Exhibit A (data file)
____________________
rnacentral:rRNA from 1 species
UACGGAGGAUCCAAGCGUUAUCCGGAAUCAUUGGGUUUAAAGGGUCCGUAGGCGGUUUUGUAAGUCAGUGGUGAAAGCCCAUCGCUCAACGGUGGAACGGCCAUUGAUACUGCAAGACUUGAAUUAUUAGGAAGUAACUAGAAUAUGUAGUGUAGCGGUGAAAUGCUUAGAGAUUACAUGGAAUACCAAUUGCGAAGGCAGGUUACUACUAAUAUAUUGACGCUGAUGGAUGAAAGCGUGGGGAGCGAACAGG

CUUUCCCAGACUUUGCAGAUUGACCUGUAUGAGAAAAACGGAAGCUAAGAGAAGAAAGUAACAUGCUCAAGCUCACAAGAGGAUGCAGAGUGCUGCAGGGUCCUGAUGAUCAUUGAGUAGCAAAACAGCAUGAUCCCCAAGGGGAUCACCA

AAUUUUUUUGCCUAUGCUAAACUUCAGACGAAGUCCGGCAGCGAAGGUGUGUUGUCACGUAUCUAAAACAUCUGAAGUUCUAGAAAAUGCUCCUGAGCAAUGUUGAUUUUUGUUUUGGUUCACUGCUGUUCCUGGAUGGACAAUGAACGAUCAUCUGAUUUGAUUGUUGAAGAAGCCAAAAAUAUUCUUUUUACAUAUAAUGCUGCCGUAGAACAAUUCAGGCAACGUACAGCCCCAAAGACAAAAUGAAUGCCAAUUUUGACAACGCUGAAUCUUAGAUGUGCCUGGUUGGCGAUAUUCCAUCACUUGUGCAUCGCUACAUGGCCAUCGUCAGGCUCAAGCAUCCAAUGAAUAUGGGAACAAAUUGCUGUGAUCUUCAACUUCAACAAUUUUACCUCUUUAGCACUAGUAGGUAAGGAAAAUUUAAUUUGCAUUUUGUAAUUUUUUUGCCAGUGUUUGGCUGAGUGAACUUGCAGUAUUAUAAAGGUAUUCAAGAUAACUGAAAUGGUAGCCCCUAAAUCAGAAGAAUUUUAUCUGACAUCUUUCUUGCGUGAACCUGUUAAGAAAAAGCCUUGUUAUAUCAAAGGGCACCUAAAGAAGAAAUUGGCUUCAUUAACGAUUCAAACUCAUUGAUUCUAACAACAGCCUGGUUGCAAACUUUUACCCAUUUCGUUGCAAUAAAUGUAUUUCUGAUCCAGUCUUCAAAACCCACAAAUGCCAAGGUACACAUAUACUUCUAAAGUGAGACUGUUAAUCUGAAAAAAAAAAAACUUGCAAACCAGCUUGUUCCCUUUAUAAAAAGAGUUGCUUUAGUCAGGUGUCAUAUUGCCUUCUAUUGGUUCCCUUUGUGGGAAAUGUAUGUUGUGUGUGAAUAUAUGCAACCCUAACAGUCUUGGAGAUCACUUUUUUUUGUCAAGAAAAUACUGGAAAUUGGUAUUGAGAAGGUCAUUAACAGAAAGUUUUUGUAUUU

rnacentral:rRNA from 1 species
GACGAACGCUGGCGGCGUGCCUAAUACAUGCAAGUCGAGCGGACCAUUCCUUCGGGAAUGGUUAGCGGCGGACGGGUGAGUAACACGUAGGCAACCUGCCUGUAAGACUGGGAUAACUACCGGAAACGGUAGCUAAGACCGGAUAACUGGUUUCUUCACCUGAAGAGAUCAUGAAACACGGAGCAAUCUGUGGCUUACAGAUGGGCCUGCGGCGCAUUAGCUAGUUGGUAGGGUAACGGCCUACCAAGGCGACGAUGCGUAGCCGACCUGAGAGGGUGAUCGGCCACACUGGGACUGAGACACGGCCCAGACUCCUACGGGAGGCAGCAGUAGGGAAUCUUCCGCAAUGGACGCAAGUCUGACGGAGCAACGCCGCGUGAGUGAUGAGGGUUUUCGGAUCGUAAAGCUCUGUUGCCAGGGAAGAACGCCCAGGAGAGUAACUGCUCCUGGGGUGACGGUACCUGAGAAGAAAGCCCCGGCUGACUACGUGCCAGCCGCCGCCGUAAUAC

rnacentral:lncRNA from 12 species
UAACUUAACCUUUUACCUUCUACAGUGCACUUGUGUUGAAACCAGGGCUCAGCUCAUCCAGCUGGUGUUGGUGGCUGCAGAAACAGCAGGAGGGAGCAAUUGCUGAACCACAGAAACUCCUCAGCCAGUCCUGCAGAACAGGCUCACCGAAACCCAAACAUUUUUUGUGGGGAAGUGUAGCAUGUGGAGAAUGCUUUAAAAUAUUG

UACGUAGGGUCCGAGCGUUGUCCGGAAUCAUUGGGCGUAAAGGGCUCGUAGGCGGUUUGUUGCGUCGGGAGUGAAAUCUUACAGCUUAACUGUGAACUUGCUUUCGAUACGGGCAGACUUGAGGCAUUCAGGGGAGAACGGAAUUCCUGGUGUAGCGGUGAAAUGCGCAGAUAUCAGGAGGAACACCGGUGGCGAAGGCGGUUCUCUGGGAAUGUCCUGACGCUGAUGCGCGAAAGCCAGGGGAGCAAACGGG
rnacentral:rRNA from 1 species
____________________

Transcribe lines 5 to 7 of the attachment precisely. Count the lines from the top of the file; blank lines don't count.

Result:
rnacentral:rRNA from 1 species
GACGAACGCUGGCGGCGUGCCUAAUACAUGCAAGUCGAGCGGACCAUUCCUUCGGGAAUGGUUAGCGGCGGACGGGUGAGUAACACGUAGGCAACCUGCCUGUAAGACUGGGAUAACUACCGGAAACGGUAGCUAAGACCGGAUAACUGGUUUCUUCACCUGAAGAGAUCAUGAAACACGGAGCAAUCUGUGGCUUACAGAUGGGCCUGCGGCGCAUUAGCUAGUUGGUAGGGUAACGGCCUACCAAGGCGACGAUGCGUAGCCGACCUGAGAGGGUGAUCGGCCACACUGGGACUGAGACACGGCCCAGACUCCUACGGGAGGCAGCAGUAGGGAAUCUUCCGCAAUGGACGCAAGUCUGACGGAGCAACGCCGCGUGAGUGAUGAGGGUUUUCGGAUCGUAAAGCUCUGUUGCCAGGGAAGAACGCCCAGGAGAGUAACUGCUCCUGGGGUGACGGUACCUGAGAAGAAAGCCCCGGCUGACUACGUGCCAGCCGCCGCCGUAAUAC

rnacentral:lncRNA from 12 species